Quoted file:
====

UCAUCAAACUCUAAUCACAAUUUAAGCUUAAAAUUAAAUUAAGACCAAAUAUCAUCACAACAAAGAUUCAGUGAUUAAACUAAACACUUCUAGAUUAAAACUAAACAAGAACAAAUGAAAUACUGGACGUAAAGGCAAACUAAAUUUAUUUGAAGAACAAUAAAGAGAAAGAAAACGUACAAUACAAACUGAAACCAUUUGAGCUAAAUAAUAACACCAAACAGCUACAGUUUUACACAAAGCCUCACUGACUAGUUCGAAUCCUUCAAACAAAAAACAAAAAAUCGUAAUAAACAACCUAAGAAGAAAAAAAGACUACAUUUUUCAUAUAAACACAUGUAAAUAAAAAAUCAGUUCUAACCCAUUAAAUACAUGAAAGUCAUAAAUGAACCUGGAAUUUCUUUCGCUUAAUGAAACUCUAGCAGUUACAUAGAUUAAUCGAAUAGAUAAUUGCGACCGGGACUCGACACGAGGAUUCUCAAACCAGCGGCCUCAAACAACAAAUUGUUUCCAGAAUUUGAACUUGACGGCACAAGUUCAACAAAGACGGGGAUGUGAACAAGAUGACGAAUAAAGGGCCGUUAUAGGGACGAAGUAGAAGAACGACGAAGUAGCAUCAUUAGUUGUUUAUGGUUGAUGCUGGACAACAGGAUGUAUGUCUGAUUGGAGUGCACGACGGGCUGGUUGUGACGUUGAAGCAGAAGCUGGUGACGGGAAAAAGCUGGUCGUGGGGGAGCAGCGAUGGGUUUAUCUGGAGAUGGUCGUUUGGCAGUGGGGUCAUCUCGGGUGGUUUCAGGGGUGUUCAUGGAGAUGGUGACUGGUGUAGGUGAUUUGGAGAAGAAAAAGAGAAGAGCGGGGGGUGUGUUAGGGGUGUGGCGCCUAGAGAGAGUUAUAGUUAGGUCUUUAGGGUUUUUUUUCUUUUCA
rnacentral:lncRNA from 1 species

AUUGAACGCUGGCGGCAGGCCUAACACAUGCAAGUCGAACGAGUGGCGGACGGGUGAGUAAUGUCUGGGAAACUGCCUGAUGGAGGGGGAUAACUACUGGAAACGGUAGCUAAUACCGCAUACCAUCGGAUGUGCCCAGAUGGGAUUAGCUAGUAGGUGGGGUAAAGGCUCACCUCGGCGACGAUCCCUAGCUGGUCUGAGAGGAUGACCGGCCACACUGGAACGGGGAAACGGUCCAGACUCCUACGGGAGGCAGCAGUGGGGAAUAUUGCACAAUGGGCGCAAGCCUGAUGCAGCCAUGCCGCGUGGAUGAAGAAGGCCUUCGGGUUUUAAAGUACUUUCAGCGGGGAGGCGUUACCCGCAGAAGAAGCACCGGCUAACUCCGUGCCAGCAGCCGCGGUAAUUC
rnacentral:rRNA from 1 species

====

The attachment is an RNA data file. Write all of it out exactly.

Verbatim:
UCAUCAAACUCUAAUCACAAUUUAAGCUUAAAAUUAAAUUAAGACCAAAUAUCAUCACAACAAAGAUUCAGUGAUUAAACUAAACACUUCUAGAUUAAAACUAAACAAGAACAAAUGAAAUACUGGACGUAAAGGCAAACUAAAUUUAUUUGAAGAACAAUAAAGAGAAAGAAAACGUACAAUACAAACUGAAACCAUUUGAGCUAAAUAAUAACACCAAACAGCUACAGUUUUACACAAAGCCUCACUGACUAGUUCGAAUCCUUCAAACAAAAAACAAAAAAUCGUAAUAAACAACCUAAGAAGAAAAAAAGACUACAUUUUUCAUAUAAACACAUGUAAAUAAAAAAUCAGUUCUAACCCAUUAAAUACAUGAAAGUCAUAAAUGAACCUGGAAUUUCUUUCGCUUAAUGAAACUCUAGCAGUUACAUAGAUUAAUCGAAUAGAUAAUUGCGACCGGGACUCGACACGAGGAUUCUCAAACCAGCGGCCUCAAACAACAAAUUGUUUCCAGAAUUUGAACUUGACGGCACAAGUUCAACAAAGACGGGGAUGUGAACAAGAUGACGAAUAAAGGGCCGUUAUAGGGACGAAGUAGAAGAACGACGAAGUAGCAUCAUUAGUUGUUUAUGGUUGAUGCUGGACAACAGGAUGUAUGUCUGAUUGGAGUGCACGACGGGCUGGUUGUGACGUUGAAGCAGAAGCUGGUGACGGGAAAAAGCUGGUCGUGGGGGAGCAGCGAUGGGUUUAUCUGGAGAUGGUCGUUUGGCAGUGGGGUCAUCUCGGGUGGUUUCAGGGGUGUUCAUGGAGAUGGUGACUGGUGUAGGUGAUUUGGAGAAGAAAAAGAGAAGAGCGGGGGGUGUGUUAGGGGUGUGGCGCCUAGAGAGAGUUAUAGUUAGGUCUUUAGGGUUUUUUUUCUUUUCA
rnacentral:lncRNA from 1 species

AUUGAACGCUGGCGGCAGGCCUAACACAUGCAAGUCGAACGAGUGGCGGACGGGUGAGUAAUGUCUGGGAAACUGCCUGAUGGAGGGGGAUAACUACUGGAAACGGUAGCUAAUACCGCAUACCAUCGGAUGUGCCCAGAUGGGAUUAGCUAGUAGGUGGGGUAAAGGCUCACCUCGGCGACGAUCCCUAGCUGGUCUGAGAGGAUGACCGGCCACACUGGAACGGGGAAACGGUCCAGACUCCUACGGGAGGCAGCAGUGGGGAAUAUUGCACAAUGGGCGCAAGCCUGAUGCAGCCAUGCCGCGUGGAUGAAGAAGGCCUUCGGGUUUUAAAGUACUUUCAGCGGGGAGGCGUUACCCGCAGAAGAAGCACCGGCUAACUCCGUGCCAGCAGCCGCGGUAAUUC
rnacentral:rRNA from 1 species